A banned LGBTI Pride march in Istanbul has been granted permission to go ahead by police, as long as marchers remain confined to just one street.
The Turkish Pride march was banned by the city’s governor’s office, late last week, citing security concerns.
Andrew Gardner of Amnesty International in Turkey told Gay Star News that the organizers of the event had received last minute permission from the police, but only for the crowd to remain in the one street where they had gathered.
Gardner tweeted pictures of crowds gathered in Mis Sokak, a street popular with LGBTI people in Istanbul near the main Taksim Square.
Riot police presence could spell trouble later
Although corralled into one street, the sizeable crowd were loud and noisy and in good spirits. However, the event has only just started and there is a heavy police presence in place. Several people have posted comments on Twitter about minor ‘interventions’ with some marchers and riot police.
German politician and MEP, Terry Reintke, posted a video clip on Twitter saying ‘Despite the tension the atmosphere is amazing.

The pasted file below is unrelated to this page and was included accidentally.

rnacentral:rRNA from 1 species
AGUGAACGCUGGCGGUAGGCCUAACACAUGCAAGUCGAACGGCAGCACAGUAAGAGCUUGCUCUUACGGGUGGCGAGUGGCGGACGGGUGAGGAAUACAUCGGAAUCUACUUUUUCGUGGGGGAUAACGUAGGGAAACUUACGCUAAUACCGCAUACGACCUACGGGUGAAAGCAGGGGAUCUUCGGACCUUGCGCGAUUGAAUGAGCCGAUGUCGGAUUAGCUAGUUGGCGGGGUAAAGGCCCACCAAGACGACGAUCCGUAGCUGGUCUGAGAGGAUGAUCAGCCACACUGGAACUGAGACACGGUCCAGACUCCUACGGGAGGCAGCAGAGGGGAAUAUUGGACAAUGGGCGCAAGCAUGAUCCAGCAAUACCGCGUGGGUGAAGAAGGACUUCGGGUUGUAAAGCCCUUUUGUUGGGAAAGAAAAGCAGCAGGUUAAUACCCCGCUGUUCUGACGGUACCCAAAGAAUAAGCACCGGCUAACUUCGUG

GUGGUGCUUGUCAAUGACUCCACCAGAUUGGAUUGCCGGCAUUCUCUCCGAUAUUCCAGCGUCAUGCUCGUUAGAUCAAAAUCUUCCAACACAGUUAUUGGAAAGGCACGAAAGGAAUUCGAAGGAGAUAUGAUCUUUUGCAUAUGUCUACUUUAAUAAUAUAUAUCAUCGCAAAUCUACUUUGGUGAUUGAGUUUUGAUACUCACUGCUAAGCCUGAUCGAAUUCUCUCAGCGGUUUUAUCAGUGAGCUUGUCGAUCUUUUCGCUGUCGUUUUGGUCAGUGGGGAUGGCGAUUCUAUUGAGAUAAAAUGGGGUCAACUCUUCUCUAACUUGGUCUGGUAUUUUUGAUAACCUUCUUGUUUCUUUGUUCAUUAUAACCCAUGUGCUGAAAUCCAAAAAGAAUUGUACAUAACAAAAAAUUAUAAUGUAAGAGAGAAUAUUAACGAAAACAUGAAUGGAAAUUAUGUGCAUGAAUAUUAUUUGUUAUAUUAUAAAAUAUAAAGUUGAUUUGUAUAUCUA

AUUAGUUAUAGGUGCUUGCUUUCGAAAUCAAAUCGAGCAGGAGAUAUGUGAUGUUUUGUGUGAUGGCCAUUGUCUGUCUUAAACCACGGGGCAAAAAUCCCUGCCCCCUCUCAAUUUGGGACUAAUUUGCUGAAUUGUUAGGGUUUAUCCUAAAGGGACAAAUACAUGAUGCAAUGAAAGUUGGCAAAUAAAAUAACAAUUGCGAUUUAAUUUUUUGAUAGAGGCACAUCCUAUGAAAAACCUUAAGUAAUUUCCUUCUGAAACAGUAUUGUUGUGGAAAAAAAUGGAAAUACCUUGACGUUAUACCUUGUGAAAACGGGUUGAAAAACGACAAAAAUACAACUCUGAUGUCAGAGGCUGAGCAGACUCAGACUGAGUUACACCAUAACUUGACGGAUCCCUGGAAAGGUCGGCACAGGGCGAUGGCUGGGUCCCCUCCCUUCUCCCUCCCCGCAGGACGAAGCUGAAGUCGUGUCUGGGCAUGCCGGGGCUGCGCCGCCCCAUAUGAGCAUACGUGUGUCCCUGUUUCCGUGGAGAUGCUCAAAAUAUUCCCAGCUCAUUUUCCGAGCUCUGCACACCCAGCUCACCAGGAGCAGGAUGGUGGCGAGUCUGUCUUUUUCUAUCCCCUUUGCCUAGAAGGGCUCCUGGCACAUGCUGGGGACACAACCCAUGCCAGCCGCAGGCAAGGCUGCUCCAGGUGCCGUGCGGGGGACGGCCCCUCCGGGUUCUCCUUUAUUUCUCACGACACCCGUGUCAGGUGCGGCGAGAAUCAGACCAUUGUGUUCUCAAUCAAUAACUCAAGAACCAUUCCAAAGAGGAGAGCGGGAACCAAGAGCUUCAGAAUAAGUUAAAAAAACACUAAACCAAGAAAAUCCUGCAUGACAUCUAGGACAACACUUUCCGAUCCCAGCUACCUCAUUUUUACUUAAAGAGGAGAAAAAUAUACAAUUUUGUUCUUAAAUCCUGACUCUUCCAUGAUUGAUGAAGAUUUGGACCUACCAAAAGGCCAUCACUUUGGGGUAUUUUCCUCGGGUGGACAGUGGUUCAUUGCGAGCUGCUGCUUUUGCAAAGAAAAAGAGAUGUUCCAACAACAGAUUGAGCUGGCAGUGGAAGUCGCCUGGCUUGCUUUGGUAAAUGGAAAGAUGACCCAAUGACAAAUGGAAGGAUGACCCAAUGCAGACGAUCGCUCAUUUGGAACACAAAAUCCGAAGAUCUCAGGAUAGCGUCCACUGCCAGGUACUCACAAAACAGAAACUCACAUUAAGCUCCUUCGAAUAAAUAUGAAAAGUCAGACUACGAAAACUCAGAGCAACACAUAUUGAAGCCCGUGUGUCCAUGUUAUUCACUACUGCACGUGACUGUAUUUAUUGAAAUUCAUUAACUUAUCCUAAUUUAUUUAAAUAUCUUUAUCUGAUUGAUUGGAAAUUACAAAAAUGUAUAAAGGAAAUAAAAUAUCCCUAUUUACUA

— Terry Reintke (@TerryReintke) July 1, 2018
Last week it issued a statement saying that the ban that the move was discriminatory and illegitimate.
“This march is organized in order to fight against the violence and discrimination fueled by that governorship decision,” the organizer said.
“We would like to inform the press and the public that we will go ahead with our prideful march with the same ambition as we had before.”
Gay pride parades have been banned in Istanbul for the last three years.
Homosexuality is not a crime in Turkey, but there is widespread hostility to it across Turkish society.
Civil liberties in the mostly muslim country have been tightly controlled by the government following an attempted military coup in July 2016.